Devices already illegal in Wales and may also be outlawed in Scotland
A ban on so-called pet “shock collars” is to be imposed in England, under plans confirmed by the government today.
Ministers have announced proposals to ban the devices, used to control pets, which are already banned in Wales. Scotland has already announced it is following suit.
It comes after a concerted campaign by animal rights campaigners. While they are designed to control and train dogs and cats, they have been attacked as cruel for giving animals an electric shock when they misbehave. The devices are usually controlled via a remote control.
Some devices also squirt noxious sprays, which campaigners warn can disrupt a dog’s acute sense of smell. Others can emit a sound painful to a dog’s hearing.
The clampdown is the latest attempt by the Conservatives to boost its animal welfare credentials, with Theresa May’s chief of staff, Gavin Barwell, said to be supporting the drive, spearheaded by environment secretary Michael Gove.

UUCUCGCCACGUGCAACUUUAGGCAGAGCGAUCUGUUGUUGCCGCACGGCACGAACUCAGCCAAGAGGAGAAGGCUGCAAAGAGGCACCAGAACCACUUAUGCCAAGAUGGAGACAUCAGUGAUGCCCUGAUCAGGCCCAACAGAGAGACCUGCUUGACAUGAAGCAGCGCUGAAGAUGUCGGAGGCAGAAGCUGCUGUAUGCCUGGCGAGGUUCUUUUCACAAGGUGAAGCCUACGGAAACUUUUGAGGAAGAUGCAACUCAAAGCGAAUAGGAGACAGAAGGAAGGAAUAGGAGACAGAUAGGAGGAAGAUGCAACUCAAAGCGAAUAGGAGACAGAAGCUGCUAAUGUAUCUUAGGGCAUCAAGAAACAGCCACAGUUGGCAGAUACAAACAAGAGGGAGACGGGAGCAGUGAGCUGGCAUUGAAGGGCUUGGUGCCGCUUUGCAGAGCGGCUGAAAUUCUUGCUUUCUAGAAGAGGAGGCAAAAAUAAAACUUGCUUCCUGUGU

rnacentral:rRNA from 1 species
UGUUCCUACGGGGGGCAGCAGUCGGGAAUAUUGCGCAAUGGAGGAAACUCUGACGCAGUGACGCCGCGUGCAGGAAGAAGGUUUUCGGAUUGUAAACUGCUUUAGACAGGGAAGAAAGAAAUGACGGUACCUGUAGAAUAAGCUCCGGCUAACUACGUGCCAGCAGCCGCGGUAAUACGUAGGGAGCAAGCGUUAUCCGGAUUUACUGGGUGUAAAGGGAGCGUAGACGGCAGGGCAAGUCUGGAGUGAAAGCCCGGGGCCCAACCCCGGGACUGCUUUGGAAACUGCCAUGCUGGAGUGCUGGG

It comes after many Tories said that their manifesto commitment to hold a vote on bringing back foxhunting and failing to back an ivory ban seriously hurt the party’s performance. The latest animal-friendly policies include plans to fit CCTV in slaughterhouses and a clampdown on puppy farming.
Gove said shock collars were “punitive devices” that “can cause harm and suffering, whether intentionally or unintentionally, to our pets”.
“We are a nation of animal lovers,” he said. “Organisations and MPs have campaigned against the use of shock collars passionately and we are listening to their concerns. We are now proposing to ban the use of electric shock collars to improve the welfare of animals.”
Campaigners have warned that the collars are not only cruel, but often counterproductive. They say such treatment can worsen underlying behavioural and health problems.
Caroline Kisko, secretary of the Kennel Club, which runs the Crufts dog show, said: “Training a dog with an electric shock collar causes physical and psychological harm and is never acceptable, especially given the vast array of positive training methods available. We are delighted that the government has listened to the Kennel Club’s long standing campaign to ban electric shock collars and hope that a ban on their use is imposed swiftly.
“Shock collars are often marketed as a harmless quick-fix solution. The truth is that far from providing a solution, they can easily cause more problems than they seek to fix.”
RSPCA dog welfare expert Dr Samantha Gaines said: “These cruel devices are used to train and control cats and dogs using pain and fear. Not only is this unacceptable but they are also unnecessary to achieve long-term behavioural change.”
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